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Gov: Inslee: ‘It’s normal to feel abnormal’ during pandemic, fires

People walk on the Seattle waterfront, obscured by smoke from wildfires, on Sept. 11, 2020 in Seattle, Washington. (Photo by Lindsey Wasson/Getty Images)

Between the COVID-19 pandemic, protests for change, wildfires, bad air quality, and the loss of loved ones, “it’s a lot to take in” for Washingtonians, Governor Jay Inslee said in a Thursday press conference. He recognized that many people in Washington state may be struggling with mental health issues, and encouraged anyone to seek help when they need it.

“Seeking help is not only OK, it’s great for us and our loved ones,” he said.

Everyone statewide has been feeling the impacts of the smoke and terrible air quality, which is like a “dark, oppressive” cloud over our heads, Inslee noted. It’s not only impacting physical health, but mental and emotional health as well.

“COVID has been with us for more than six months, we know that that is an impact on our mental health, and we also know that it is normal not to feel OK during a pandemic, much less fires,” he added.

Changes in feelings, behaviors, and thoughts are all common and normal responses during this time.

“It’s normal to feel abnormal,” Inslee said.

The governor also said it’s just as important to look for signs and symptoms of emotional distress in yourself and loved ones as it is for signs of physical ailments and injury. Recognize when you or someone in your life may need support, and know how to ask for and connect with available resources.

If you’re experiencing stress and would like someone to talk to anonymously, call Washington Listens at 833-681-0211. If you’re in crisis and need help now, call 866-4-CRISIS or text “Home” to 741741. You can also call the National Suicide Hotline at 800-273-8255.

The state has compiled these and other resources for mental and emotional well-being online here.

Washington Listens is here to help you through quarantine

On Thursday, the governor was joined by mental and behavioral health providers and a student mental health advocate, all of whom emphasized the importance of seeking help when in need. There are a number of community resources available in Washington state, many of which are also available in different languages.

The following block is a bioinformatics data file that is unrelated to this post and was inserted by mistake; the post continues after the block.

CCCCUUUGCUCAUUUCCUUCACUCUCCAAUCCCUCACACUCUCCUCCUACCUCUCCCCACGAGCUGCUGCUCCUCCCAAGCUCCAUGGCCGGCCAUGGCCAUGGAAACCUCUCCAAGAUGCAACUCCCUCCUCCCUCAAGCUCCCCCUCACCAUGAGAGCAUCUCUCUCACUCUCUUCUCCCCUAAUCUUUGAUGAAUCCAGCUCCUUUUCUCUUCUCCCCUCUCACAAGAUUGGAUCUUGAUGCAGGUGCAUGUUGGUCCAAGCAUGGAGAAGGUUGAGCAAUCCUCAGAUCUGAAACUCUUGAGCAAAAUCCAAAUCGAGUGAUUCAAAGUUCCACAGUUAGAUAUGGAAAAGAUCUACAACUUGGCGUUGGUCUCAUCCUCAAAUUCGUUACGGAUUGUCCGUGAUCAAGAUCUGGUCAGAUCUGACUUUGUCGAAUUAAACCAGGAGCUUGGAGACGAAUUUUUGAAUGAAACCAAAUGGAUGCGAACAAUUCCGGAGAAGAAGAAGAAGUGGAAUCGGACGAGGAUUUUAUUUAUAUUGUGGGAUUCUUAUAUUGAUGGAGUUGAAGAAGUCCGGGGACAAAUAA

“Mental health is something that we can manage,” said Yoon Joo Han, behavioral health director for the Asian Counseling and Referral Service. “… We believe that everyone who needs mental services should have access to mental health care without any barriers or stigma.”

“The best thing we can do is be aware of all the challenges we are experiencing and seek help,” she added.

Dr. Kira Mauseth, co-lead of the Behavioral Health Strike Team with the state Department of Health, warned that the next phase of the “disaster response cycle” in Washington is the disillusionment phase. With that on the horizon as well as colder, darker days, Mauseth recognized there are a lot of unknowns.

“We don’t know what’s going to happen with regard to a second potential wave of illness in the fall, but we … know we can get out ahead of the behavioral illnesses, so the depression and the sense of hopelessness, by promoting the active development of resilience,” she said.

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She outlined four ingredients for resilience: hope, connection, purpose, and flexibility or adaptability.  Read more here. Mauseth also said, fortunately, resilience is the most common outcome of disasters.

“These experiences are very normal,” she said. “Resilience is a common outcome, and we can build it intentionally.”

The good news, Inslee pointed out, is that “we can affect our mental health, we have the power to do that, and it’s very normal what we’re all experiencing right now.”

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